The centrepiece was Fillìa’s ‘sculpted meat’: ‘a symbolic interpretation of the Italian regions, composed of a large cylindrical risole of minced veal […] supported at the base by a ring of sausages resting on three golden spheres of chicken meat’. Other dishes included ‘totalrice’(rice seasoned with wine and beer) and ‘cooked salami served immersed in a concentrated solution of strong black coffee and flavoured with eau-de-Cologne’. A dish created by the painter Enrico Prampolini expressed the Futurist obsession with air travel:

an equatorial sea of poached egg yolks seasoned like oysters with pepper, salt and lemon. In the centre emerges a cone of firmly whipped egg white full of orange segments looking like juicy sections of the sun. The peak of the cone is strewn with pieces of black truffle cut in the form of black aeroplanes conquering the zenith.

Asked what would remain of the old cuisine, Fillìa said: ‘Nothing, not even the saucepans’.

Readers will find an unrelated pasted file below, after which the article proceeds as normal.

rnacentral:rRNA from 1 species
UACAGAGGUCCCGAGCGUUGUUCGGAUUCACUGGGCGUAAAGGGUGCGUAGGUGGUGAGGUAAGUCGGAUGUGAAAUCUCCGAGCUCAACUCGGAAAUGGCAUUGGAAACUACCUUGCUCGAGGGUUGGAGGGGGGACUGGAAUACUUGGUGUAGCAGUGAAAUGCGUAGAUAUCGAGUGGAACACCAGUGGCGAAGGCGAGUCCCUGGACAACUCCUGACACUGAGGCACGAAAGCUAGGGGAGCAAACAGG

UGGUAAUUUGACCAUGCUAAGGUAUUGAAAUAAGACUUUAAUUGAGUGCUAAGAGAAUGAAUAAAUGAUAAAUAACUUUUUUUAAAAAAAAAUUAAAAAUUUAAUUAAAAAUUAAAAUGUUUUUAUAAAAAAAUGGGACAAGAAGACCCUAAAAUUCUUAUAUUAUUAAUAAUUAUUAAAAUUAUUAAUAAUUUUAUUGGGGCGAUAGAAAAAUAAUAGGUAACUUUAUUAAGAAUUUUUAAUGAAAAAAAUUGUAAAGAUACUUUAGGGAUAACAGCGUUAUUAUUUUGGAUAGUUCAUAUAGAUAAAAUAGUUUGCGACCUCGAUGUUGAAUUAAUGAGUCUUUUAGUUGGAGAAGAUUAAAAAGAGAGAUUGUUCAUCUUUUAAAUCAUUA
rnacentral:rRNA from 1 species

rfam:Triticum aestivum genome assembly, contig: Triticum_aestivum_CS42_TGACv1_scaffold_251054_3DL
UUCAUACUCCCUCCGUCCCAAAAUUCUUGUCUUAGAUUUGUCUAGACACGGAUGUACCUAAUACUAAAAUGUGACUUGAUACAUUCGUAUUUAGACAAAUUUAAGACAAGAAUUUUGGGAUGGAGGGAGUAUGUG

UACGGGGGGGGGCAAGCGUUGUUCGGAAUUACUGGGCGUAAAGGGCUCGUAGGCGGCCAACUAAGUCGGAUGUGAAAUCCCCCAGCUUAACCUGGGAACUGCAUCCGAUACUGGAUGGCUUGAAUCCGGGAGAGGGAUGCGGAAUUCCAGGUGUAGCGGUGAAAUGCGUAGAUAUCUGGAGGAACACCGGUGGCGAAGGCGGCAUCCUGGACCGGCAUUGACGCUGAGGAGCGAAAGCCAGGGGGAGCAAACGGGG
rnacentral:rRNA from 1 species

In 1932, Marinetti published La cucina futurista (The Futurist Cookbook), a Futurist recipe book accompanied by a metanarrative account of famous Futurist dinners across Italy and the political and culinary controversies surrounding the Futurist food revolution.

The movement was not quite as radical as Marinetti claimed, however. The French chef Jules Maincave published La cuisine futuriste in 1913, calling for a complete harmony between the table (including crockery, glassware, and decoration) and the application of ‘the latest concepts of science’, anticipating Marinetti’s multi-sensory dining experience by more than a decade.

More importantly, the Manifesto and Cookbook must be understood in the context of Italy’s long history of culinary treatises and recipe books. Cristoforo Messisbugo’s extremely influential Banchetti, Composizioni di vivande et apparecchio generale (Banquets, Compositions  of Courses, and General Table Design) (1549) was a bastion of the culinary traditionalism that Marinetti rejected — but it was also a major inspiration.